Arbitrations 1, Class Actions 0: Supreme Court Breathes New Life Into Consumer Arbitrations

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The Supreme Court may have dealt a death blow to the arbitration of consumer class actions in the 5-4 decision in AT&T Mobility LLC v.Concepcion, 563 U.S. _____ (April 27, 2011). The Court held that the Federal Arbitration Act pre-empted the California rule that arbitration clauses banning class actions were unconscionable. By reversing the Ninth Circuit, the Supreme Court has reopened a seemingly locked door and businesses may wish to consider resurrecting their arbitration clauses and modeling them on the AT&T opinion.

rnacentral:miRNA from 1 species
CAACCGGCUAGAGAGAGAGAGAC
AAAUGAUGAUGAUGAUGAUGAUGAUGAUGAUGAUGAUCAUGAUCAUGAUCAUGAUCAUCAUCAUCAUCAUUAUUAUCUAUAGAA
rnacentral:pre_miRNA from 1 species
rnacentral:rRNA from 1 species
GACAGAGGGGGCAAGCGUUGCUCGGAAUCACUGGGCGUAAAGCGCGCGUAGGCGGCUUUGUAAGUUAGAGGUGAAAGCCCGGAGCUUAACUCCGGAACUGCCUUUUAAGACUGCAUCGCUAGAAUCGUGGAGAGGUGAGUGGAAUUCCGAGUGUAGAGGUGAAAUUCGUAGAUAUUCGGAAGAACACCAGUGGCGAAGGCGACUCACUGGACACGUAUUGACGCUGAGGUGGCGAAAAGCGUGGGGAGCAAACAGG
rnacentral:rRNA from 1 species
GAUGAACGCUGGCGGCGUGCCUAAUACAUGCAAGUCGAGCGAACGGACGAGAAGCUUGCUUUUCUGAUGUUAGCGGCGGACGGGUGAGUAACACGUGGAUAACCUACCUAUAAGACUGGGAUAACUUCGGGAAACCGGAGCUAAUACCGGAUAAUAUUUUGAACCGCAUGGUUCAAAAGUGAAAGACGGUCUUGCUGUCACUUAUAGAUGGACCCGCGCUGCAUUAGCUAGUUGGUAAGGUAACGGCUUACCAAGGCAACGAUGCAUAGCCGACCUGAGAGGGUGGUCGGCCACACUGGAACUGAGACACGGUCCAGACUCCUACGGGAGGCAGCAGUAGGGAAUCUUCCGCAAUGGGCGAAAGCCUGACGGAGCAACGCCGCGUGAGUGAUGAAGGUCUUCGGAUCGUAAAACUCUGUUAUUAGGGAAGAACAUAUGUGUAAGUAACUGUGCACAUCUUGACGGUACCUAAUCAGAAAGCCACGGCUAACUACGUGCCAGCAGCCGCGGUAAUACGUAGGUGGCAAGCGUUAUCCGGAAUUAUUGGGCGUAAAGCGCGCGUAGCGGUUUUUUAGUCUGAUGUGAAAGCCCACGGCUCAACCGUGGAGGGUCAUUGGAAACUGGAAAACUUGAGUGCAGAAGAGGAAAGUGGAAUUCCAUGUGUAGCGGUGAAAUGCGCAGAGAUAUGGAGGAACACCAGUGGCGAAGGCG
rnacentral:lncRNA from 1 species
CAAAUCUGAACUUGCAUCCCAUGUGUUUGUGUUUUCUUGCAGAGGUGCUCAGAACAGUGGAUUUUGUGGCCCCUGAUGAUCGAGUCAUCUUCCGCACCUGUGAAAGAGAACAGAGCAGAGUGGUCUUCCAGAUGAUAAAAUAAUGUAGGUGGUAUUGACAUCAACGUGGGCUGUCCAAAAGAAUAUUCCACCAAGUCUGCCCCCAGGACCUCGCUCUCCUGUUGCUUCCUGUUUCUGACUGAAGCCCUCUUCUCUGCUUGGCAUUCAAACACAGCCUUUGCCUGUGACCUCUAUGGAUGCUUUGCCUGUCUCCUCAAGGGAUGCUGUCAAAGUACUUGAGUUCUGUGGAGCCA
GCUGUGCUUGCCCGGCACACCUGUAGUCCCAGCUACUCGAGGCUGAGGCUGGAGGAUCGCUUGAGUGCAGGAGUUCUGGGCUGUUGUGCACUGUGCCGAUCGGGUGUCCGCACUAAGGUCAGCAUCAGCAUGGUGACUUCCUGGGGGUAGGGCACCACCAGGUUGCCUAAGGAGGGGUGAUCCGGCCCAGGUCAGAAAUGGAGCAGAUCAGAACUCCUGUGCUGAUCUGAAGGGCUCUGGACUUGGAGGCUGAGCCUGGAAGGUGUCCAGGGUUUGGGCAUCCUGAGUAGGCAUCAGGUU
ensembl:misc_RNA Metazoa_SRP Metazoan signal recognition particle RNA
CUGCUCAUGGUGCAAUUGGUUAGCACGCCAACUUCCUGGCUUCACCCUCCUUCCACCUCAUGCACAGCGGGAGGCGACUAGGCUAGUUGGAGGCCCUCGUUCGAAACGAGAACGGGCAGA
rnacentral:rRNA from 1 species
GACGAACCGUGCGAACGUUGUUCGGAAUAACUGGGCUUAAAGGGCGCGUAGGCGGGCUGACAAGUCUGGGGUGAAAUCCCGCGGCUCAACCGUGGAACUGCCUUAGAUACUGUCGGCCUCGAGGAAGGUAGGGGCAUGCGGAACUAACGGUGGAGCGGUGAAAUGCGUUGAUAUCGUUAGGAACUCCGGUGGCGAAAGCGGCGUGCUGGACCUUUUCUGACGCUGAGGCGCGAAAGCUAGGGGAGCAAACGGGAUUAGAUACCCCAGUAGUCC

The case arose out of a cell phone contract in which the consumers were promised “free phones” by AT&T, but were charged $30.22 sales tax for the full retail value of the phones. They sued AT&T for deceptive advertising. AT&T moved to compel an individual arbitration proceeding under the arbitration clause in the cell phone contract. Under the contract, “all disputes” between the parties were subject to arbitration, which must be brought in the parties’ “individual capacity, and not as a plaintiff or class member in any purported class or representative proceeding.” The clause went on to provide that “the arbitrator may not consolidate more than one person’s claims, and may not otherwise preside over any form of a representative or class proceeding.”

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DISCLAIMER: Because of the generality of this update, the information provided herein may not be applicable in all situations and should not be acted upon without specific legal advice based on particular situations.

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